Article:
Executive director Cara Loriz says that by teaching farmers and gardeners how to save seed, they’re also saving our cultural heritage.
THIS SUMMER, Cara Loriz can be found in the fertile fields south of Port Townsend among organic carrot, spinach, pepper and corn plants, with bees and butterflies buzzing in colorful dahlias, poppies and zinnias. As executive director of the nonprofit Organic Seed Alliance, Loriz oversees this bountiful research farm at Finnriver Farm & Cidery, where new vegetable varieties are tested and bred.
Organic Seed Alliance, the leading seed institution in the nation, is committed to meeting farmers’ seed needs through research, education and advocacy.
Before the industrialization of agriculture, Loriz explains, farmers were more self-sufficient, selecting and saving their best seeds for the following year. While industrialization brought efficiencies in food production, two downsides were a decrease in the diversity of foods and a loss of adaptation to regional climates. Uniformity was king. Today, most seed is supplied by a handful of large corporations, Loriz says, and most of that seed might not do well in organic gardens and farms.
OSA works to increase access to organic and savable seed. “It is part of our common cultural heritage,” Loriz says. To put seed back in the hands of farmers, OSA teaches farmers and gardeners across the country how to select and save seed. A free guide can be downloaded on the OSA website.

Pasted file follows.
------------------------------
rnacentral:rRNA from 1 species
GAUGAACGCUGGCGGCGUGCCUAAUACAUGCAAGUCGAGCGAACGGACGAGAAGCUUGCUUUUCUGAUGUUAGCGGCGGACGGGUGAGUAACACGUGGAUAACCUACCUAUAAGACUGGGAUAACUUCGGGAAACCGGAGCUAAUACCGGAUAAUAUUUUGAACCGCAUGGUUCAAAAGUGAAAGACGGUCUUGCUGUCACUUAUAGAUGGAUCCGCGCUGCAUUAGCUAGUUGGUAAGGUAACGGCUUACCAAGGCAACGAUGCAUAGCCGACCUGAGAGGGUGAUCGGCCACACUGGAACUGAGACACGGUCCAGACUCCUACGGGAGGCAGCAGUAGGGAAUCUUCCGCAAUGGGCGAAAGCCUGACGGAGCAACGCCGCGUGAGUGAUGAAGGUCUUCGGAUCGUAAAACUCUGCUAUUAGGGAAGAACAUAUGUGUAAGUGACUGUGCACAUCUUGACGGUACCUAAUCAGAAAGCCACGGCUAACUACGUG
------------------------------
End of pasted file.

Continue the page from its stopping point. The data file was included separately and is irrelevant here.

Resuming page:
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“As we like to say, ‘Seed is food, and seed is hope,’ ” Loriz says. “We help farmers develop the skills and knowledge to control their own seed supply and build back the diversity of our food supply.” A Community Field Day will be held Oct. 1, free and open to the public.
Loriz points out that selection is not engineering. “Farmers have been selecting the best since the dawn of time. It is a traditional practice. You’re not changing anything genetically.”
In addition to climate, factors that farmers and OSA staff consider when selecting vegetable seed include drought- and pest-resistance, taste, size, color, bolting time, germination rate and yield.
A plant breeding project can take decades. Sam McCullough, field manager at Nash’s Organic Produce on the Olympic Peninsula, explains why: “In my lifetime, if I can get 40 generations of cabbage — which is a biennial — at best, I might get five or 10 years that are excellent.”
Nash’s has been breeding vegetable seeds for more than 25 years, optimized for organic conditions. The farm produces almost all of its grain, legume and corn seed, as well as a lot of vegetable seed for its own use and on contract. “Each year, we are growing more and more of our regionally adapted seed,” McCullough says.
Breeding also results in new products at markets and restaurants. Purple-sprouted broccoli is a current example. Farmers were eager for a novel vegetable in late winter and early spring, when little else is harvestable from fields. Purple-sprouting broccoli was selected by OSA and the Washington State Department of Agriculture and, eight years later, it’s showing up at PCC stores.
“It’s an old vegetable that’s been adapted to this region and this climate,” Loriz says. “Plus, it’s a beautiful color and tastes delicious.” OSA’s goal is to ensure wide commercial availability, and staff members are working with chefs and retailers to spread the word and build demand.
“We hope people will see purple-sprouting broccoli as a sure sign of spring and will be excited to see it,” Loriz says.
For farmers interested in planting it, now is the time. Contact OSA to find out how to get organic seed.
Who knows? Maybe purple will be the new green. And, if OSA is successful, farmers will once again be the keepers of the seeds of the future.